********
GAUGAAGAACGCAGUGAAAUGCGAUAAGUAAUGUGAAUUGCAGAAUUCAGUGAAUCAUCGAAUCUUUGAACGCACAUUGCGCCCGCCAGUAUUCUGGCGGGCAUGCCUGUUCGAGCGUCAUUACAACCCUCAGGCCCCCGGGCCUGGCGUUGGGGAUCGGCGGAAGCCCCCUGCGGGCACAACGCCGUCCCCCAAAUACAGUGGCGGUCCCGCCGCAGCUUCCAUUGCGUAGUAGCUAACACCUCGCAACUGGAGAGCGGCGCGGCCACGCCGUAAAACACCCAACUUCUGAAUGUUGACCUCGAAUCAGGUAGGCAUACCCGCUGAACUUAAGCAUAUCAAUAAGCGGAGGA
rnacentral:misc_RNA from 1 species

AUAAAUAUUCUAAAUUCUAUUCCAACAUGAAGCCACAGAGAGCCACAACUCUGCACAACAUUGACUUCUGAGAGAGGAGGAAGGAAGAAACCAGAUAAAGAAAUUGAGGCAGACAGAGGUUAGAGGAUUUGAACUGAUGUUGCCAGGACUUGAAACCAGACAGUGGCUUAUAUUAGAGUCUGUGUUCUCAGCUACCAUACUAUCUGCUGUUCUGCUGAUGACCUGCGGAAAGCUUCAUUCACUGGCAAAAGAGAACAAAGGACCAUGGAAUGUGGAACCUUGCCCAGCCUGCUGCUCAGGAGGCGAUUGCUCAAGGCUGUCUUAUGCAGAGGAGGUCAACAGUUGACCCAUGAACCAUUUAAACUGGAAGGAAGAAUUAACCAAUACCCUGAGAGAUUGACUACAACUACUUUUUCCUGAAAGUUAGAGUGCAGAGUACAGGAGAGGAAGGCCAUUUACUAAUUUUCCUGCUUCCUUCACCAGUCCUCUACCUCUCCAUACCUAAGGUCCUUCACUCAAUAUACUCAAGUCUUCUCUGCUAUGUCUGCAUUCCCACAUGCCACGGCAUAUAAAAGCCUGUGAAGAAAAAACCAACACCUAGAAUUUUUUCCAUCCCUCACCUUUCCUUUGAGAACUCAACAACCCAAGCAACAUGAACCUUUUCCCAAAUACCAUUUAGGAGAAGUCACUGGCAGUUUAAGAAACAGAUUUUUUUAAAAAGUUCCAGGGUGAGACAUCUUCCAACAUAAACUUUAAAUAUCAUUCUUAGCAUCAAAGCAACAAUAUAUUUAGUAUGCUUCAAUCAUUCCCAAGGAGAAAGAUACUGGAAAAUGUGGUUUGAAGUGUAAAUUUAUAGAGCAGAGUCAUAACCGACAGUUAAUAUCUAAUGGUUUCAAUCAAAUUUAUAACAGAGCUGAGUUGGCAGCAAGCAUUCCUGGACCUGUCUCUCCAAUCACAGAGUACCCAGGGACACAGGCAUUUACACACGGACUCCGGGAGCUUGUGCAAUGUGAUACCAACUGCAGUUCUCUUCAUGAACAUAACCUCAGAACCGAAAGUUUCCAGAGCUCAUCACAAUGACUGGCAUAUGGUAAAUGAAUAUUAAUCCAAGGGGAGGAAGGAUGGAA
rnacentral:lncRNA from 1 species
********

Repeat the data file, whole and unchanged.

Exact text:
GAUGAAGAACGCAGUGAAAUGCGAUAAGUAAUGUGAAUUGCAGAAUUCAGUGAAUCAUCGAAUCUUUGAACGCACAUUGCGCCCGCCAGUAUUCUGGCGGGCAUGCCUGUUCGAGCGUCAUUACAACCCUCAGGCCCCCGGGCCUGGCGUUGGGGAUCGGCGGAAGCCCCCUGCGGGCACAACGCCGUCCCCCAAAUACAGUGGCGGUCCCGCCGCAGCUUCCAUUGCGUAGUAGCUAACACCUCGCAACUGGAGAGCGGCGCGGCCACGCCGUAAAACACCCAACUUCUGAAUGUUGACCUCGAAUCAGGUAGGCAUACCCGCUGAACUUAAGCAUAUCAAUAAGCGGAGGA
rnacentral:misc_RNA from 1 species

AUAAAUAUUCUAAAUUCUAUUCCAACAUGAAGCCACAGAGAGCCACAACUCUGCACAACAUUGACUUCUGAGAGAGGAGGAAGGAAGAAACCAGAUAAAGAAAUUGAGGCAGACAGAGGUUAGAGGAUUUGAACUGAUGUUGCCAGGACUUGAAACCAGACAGUGGCUUAUAUUAGAGUCUGUGUUCUCAGCUACCAUACUAUCUGCUGUUCUGCUGAUGACCUGCGGAAAGCUUCAUUCACUGGCAAAAGAGAACAAAGGACCAUGGAAUGUGGAACCUUGCCCAGCCUGCUGCUCAGGAGGCGAUUGCUCAAGGCUGUCUUAUGCAGAGGAGGUCAACAGUUGACCCAUGAACCAUUUAAACUGGAAGGAAGAAUUAACCAAUACCCUGAGAGAUUGACUACAACUACUUUUUCCUGAAAGUUAGAGUGCAGAGUACAGGAGAGGAAGGCCAUUUACUAAUUUUCCUGCUUCCUUCACCAGUCCUCUACCUCUCCAUACCUAAGGUCCUUCACUCAAUAUACUCAAGUCUUCUCUGCUAUGUCUGCAUUCCCACAUGCCACGGCAUAUAAAAGCCUGUGAAGAAAAAACCAACACCUAGAAUUUUUUCCAUCCCUCACCUUUCCUUUGAGAACUCAACAACCCAAGCAACAUGAACCUUUUCCCAAAUACCAUUUAGGAGAAGUCACUGGCAGUUUAAGAAACAGAUUUUUUUAAAAAGUUCCAGGGUGAGACAUCUUCCAACAUAAACUUUAAAUAUCAUUCUUAGCAUCAAAGCAACAAUAUAUUUAGUAUGCUUCAAUCAUUCCCAAGGAGAAAGAUACUGGAAAAUGUGGUUUGAAGUGUAAAUUUAUAGAGCAGAGUCAUAACCGACAGUUAAUAUCUAAUGGUUUCAAUCAAAUUUAUAACAGAGCUGAGUUGGCAGCAAGCAUUCCUGGACCUGUCUCUCCAAUCACAGAGUACCCAGGGACACAGGCAUUUACACACGGACUCCGGGAGCUUGUGCAAUGUGAUACCAACUGCAGUUCUCUUCAUGAACAUAACCUCAGAACCGAAAGUUUCCAGAGCUCAUCACAAUGACUGGCAUAUGGUAAAUGAAUAUUAAUCCAAGGGGAGGAAGGAUGGAA
rnacentral:lncRNA from 1 species